Friday morning I had a genetic counseling session. I was really worried I wouldn’t be able to make it. I was in serious pain the night before from my expansion and woke up feeling nasty from taking pain meds on an empty stomach. Luckily, a little breakfast and a nap on the couch made me feel human since it would be a couple of months to get another session.

Because I was diagnosed with cancer before I was even 40, I am a candidate for genetic testing. Before you even go in for testing, you have to do a family history – name, age and health (any cancer, reason for death) for myself, my siblings, my parents, aunts, uncles and cousins, and my grandparents and their siblings. I could guess up to my parents’ generation, but had no clue on my grandparents’ generation. After a phone call to my mother, who had some genealogy information for both sides of the family, I was able to finish the paperwork.

The genetic counseling session was a teleconference with a nurse from Magee Women’s Hospital in Pittsburgh. I really appreciated not having to drive to Pittsburgh to do the test (in fact, that might have been a deal-breaker for me). The counselor’s goal is to ensure the person getting tested understands what the test is looking for and what it means if it comes back positive or negative.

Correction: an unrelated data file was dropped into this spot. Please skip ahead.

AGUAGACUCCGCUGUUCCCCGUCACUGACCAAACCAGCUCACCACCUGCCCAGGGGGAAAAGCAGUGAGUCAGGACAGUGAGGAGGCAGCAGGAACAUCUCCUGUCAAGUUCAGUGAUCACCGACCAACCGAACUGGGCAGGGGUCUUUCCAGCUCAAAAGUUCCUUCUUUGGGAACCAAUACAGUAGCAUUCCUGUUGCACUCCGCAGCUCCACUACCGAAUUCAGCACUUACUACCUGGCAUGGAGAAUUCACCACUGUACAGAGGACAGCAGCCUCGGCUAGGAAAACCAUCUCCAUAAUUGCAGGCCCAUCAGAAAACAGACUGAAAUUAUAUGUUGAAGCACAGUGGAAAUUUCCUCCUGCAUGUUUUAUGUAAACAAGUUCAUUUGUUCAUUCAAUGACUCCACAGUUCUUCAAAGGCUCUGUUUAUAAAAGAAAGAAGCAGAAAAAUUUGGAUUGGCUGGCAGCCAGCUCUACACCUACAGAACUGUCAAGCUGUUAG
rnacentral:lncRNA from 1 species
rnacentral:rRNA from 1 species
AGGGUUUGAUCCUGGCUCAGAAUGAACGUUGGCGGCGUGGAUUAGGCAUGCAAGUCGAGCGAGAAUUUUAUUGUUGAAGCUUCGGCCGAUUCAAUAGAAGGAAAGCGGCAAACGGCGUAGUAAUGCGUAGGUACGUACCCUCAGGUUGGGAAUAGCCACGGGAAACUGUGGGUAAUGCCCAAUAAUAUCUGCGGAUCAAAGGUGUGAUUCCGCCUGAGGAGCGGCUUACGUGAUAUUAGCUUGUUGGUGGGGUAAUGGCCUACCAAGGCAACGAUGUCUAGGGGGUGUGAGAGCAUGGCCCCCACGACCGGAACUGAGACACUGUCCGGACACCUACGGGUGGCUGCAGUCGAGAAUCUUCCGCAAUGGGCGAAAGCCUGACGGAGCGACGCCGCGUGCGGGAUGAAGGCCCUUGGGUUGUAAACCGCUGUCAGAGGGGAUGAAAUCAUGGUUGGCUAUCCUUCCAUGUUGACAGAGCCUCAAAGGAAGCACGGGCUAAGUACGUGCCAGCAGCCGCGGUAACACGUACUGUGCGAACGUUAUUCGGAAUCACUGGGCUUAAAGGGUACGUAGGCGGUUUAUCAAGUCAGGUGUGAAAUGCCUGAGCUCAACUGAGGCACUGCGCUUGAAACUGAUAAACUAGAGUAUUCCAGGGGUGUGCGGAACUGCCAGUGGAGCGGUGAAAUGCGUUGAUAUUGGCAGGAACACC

The test is solely for the BRCA1 and BRCA2 mutations, which account for less than 10% of breast cancer. The test uses two methods to test for changes in the gene – one to look for mutations in the gene, and a quantitative test to look for additions or deletions. The genes are on two separate chromosomes, and it is very unlikely that you would have both mutations. They are autosomal dominant genes (you only need one copy to get the negative effect) and affect how the cell will repair breaks in your DNA that occur on a regular basis as you go through life. If the test finds a change in the genes (a SNP) that is not the known BRCA mutation, the company keeps the information on file to see if it shows up in other genomes and would be something to pursue.

If the test comes back positive, it increases your risk of developing breast cancer (surprise, but also in the second breast in my case) in both men and women, as well as ovarian or prostate cancer, pancreatic cancer, and melanoma. Using birth control for more than six years significantly reduces (by about 60%) your risk of ovarian cancer, but there’s very poor testing for ovarian cancer so often removal of the ovaries is recommended (reducing your risk by 96%). A preventative mastectomy will reduce your risk of developing breast cancer by 90%, otherwise you start breast cancer screening at 25 with twice yearly physical exams, and yearly mammograms and MRIs.